The importance of getting a good education and having good educators has never been more important than now. This sentiment rings true for Dionel Waters Ph. D, executive director for IDEA Public schools – Tarrant County. Born and raised in Philadelphia, Pennsylvania, Waters left for college with the intention of entering the field of education. “I didn’t have a lot of black male educators,” he said. Waters continued, “I wanted to serve in the education field and be a role model for students who looked like me and came from similar backgrounds.” His career to date has reflected that original ambition.
With this goal in mind, Waters left home after high school and attended Morehouse College in Atlanta, GA where he received his B.A. in elementary education. He has continued his education, some while working. He has an M.A. in curriculum and teaching from Michigan State University, an MBA and M.Ed. in educational leaderful from Dallas Baptist University, a Ph.D. in K-16 educational leadership and policy studies from University of Texas at Arlington. He taught in the classroom for 5 years before serving as a principal for 10 years all of which brought him to his current position. His career has allowed him to teach in several states in the U.S. as well as a stint in Australia. Waters also has served as a principal at all three education levels (elementary, middle and high school).
These experiences have given him insight and direction in how he leads others. In his current role, he oversees more than five-hundred staff and more than four thousand students. He believes strongly in supporting his staff and giving them tools to perform their jobs at the highest levels. The employees for IDEA Schools Tarrant County are familiar with his personal conviction that there are TWO types of employees in IDEA Schools Tarrant County: 1) Those who teach and 2) Those who support those who teach. “I am adamant about providing “layered coaching” to my regional leaders,” says Waters. He coaches and mentors the regional leaders who in turn support the classroom leaders. Waters is a hands-on superintendent, making sure to visit at least 4 of the 8 campuses each week. Encouraged with their A-rated status, Waters shared that IDEA plans to add an additional two campuses in the Tarrant County area by 2030.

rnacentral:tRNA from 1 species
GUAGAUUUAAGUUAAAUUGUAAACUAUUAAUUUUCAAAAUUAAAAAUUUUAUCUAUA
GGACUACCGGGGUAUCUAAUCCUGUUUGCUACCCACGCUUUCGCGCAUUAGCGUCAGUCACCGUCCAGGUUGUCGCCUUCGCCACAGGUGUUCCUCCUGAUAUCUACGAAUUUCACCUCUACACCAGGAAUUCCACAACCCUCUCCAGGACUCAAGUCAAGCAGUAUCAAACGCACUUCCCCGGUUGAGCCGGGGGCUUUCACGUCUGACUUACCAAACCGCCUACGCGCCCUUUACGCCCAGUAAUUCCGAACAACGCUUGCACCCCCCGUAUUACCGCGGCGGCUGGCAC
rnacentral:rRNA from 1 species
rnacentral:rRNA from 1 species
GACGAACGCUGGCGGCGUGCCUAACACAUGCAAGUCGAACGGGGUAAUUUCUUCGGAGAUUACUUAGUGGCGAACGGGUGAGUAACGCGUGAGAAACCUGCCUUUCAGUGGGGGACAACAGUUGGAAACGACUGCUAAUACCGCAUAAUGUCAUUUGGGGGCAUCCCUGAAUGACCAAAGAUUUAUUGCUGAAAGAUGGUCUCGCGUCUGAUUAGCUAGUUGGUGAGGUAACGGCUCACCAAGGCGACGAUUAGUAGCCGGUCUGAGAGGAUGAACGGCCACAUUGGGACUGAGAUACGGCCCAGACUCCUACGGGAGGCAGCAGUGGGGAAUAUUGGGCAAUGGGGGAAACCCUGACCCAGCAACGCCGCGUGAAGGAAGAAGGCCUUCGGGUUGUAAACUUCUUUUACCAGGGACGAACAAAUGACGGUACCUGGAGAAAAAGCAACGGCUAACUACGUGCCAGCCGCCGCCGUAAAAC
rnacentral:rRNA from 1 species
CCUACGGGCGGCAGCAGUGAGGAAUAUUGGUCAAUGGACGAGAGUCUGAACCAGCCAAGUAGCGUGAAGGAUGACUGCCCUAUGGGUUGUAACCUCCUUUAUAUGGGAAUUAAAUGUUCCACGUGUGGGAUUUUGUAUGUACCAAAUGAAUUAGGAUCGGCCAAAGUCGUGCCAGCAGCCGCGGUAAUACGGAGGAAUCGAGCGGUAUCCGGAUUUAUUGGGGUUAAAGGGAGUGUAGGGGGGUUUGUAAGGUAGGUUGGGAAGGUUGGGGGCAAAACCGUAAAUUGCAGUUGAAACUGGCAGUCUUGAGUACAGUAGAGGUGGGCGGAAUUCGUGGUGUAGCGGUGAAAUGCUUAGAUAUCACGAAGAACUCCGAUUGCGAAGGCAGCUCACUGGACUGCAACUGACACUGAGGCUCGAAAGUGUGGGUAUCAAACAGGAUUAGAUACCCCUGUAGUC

Proud to be part of a charter school system, Waters believes within the next five years, many more students will migrate to the charter school model. Having taught in both traditional and charter schools, he can see pros and cons for each platform. Some of the biggest challenges facing education today include closing academic learning gaps, getting students excited about coming to school (the pandemic has had a big effect on that) and continuing to improve the pipeline of highly qualified and caring educators in every school. He is working towards facing these challenges and is positioning the IDEA schools to overcome these challenges. A few benefits of working in the charter schools include the amount of autonomy available in human resource decisions, curriculum selection and discretion in conducting discipline. There are still guideline that must be followed according to state regulations, but the autonomy available gives Waters liberty to deal with issues on a case-by-case basis for the benefit of both staff and students.
Waters believes in the IDEA schools so much, his own children attend classes at one of the Tarrant County campuses. Asked why parents would choose IDEA schools over traditional public schools, Waters responded, “If families are looking for a rigorous academic experience with the focus of ‘College To & Through’, then IDEA Tarrant County is their best bet.” The waiting list to get into these schools is testament to that.
Waters is married with two children and spends his free time exercising, reading, traveling and spending time with family and friends. At a time when educators are leaving for other fields, Waters still gains satisfaction working in the field he has dedicated his career to. “Being able to see my ‘vision’ come to fruition for the benefits of students and their families is my favorite part of being in education,” says Waters. He continues, “This is a powerful piece as we are changing the trajectory of many families through education.”